pride and relief
of making the 2000 Olympic Team
With that sort of momentum, it surprised no one when Beaulieu was selected to the 1999 world championship team, where Canada's best female gymnasts succeeded in qualifying a full squad to the 2000 Olympic Games by placing 10th as a team. While an ankle injury prevented Beaulieu from competing all events, she did all she could for the team, counting both of her scores towards the final total.
If 1999 had established Beaulieu as a new face on the Canadian front, it was in the year 2000 that she became one of the cornerstones of the national program. Her season began with another smash success when she was again victorious at the Gymnix International, this time over a host of past and future Olympians. Beaulieu carried her momentum forward into two major internationals, both on the same side of the world as the fast-approaching Olympic Games. Unfortunately, a wrist injury prevented her from actually competing in the Qantas International, the Olympic test event held in the Sydney's SuperDome. Beaulieu recovered enough to take the competition floor at the hotly-contested Pacific Alliance Championships in New Zealand later that spring. Though the Canadian team finished poorly due to a rash of injuries and inconsistencies, Beaulieu shone with a 7th place all-around finish, and a silver medal on the balance beam. The latter was sweet confirmation of her rebirth on the apparatus, and helped solidify her position as an all-around contributor for the team in Sydney.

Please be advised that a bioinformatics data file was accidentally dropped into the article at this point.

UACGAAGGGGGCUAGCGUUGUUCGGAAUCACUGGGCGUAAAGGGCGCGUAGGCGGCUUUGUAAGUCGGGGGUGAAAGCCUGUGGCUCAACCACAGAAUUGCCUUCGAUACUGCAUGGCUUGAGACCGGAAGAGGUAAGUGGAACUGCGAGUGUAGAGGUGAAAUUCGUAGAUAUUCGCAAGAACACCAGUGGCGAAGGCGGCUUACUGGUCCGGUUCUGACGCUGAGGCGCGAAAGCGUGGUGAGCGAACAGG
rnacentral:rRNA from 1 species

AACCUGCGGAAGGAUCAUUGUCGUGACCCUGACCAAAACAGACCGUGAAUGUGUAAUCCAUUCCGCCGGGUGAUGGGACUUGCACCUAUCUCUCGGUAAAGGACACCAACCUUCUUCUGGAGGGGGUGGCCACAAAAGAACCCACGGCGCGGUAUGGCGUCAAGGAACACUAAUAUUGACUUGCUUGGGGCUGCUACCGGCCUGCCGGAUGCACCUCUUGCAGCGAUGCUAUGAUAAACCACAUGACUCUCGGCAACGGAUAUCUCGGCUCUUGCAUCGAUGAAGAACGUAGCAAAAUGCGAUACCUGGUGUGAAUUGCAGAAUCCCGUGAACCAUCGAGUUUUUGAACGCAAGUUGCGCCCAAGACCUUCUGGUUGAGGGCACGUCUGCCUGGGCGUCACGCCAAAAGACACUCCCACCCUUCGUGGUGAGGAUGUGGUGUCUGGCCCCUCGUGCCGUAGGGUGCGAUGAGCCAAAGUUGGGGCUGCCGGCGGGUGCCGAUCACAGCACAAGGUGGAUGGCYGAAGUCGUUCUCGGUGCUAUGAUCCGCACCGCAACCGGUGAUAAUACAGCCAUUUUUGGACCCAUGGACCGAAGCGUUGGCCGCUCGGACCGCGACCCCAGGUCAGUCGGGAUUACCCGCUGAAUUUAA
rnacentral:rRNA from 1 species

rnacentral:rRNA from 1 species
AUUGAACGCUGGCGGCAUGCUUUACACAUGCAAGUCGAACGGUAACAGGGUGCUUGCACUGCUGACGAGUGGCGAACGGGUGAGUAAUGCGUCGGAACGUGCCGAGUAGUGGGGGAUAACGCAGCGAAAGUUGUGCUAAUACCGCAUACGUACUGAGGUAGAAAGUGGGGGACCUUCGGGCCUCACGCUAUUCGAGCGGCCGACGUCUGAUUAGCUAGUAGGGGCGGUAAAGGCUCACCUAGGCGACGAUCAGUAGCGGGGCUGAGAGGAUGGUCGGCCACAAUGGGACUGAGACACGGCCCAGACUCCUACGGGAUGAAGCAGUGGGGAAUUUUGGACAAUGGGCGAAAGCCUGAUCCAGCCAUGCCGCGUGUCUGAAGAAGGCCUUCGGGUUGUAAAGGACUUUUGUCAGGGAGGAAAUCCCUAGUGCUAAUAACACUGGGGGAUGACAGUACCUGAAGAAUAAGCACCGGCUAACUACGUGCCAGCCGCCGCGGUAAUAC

The 2000 Olympic Trials were the culmination of Beaulieu's career, and she certainly rose to the occasion. With only a beam fall marring her two-day performance, Beaulieu earned automatic selection to the team by finishing second overall (only the top two gymnasts earned automatic selection). Her consistent performances over the years also convinced the Canadian coaches to compete Beaulieu as one of Canada's all-arounders in Sydney. Unfortunately, uncharacteristic errors in her well-choreographed floor routine (two falls) prevented Beaulieu from joining teammates Kate Richardson and Yvonne Tousek among the top 36 individually, despite puting forth some of her best routines ever on vault (Hristakieva), the uneven bars, and, of course, the balance beam (ff layout ff, punch front, gainer double twist dismount).
Known for her vivacious personality, Beaulieu has elected to commit her talent and energy to endeavours outside of the world of gymnastics now that her Olympic dream has been fulfilled. Specifically, her interests have turned to diving, where she is achieving remarkable success after only a few months of training. With her solid gymnastic background, hearty work ethic, and competitive composure from years of international experience, Julie Beaulieu is now a talent looming on the horizon of a second sport, which is certainly a thrill for her many fans who hope to hear more from this popular young woman in the years to come.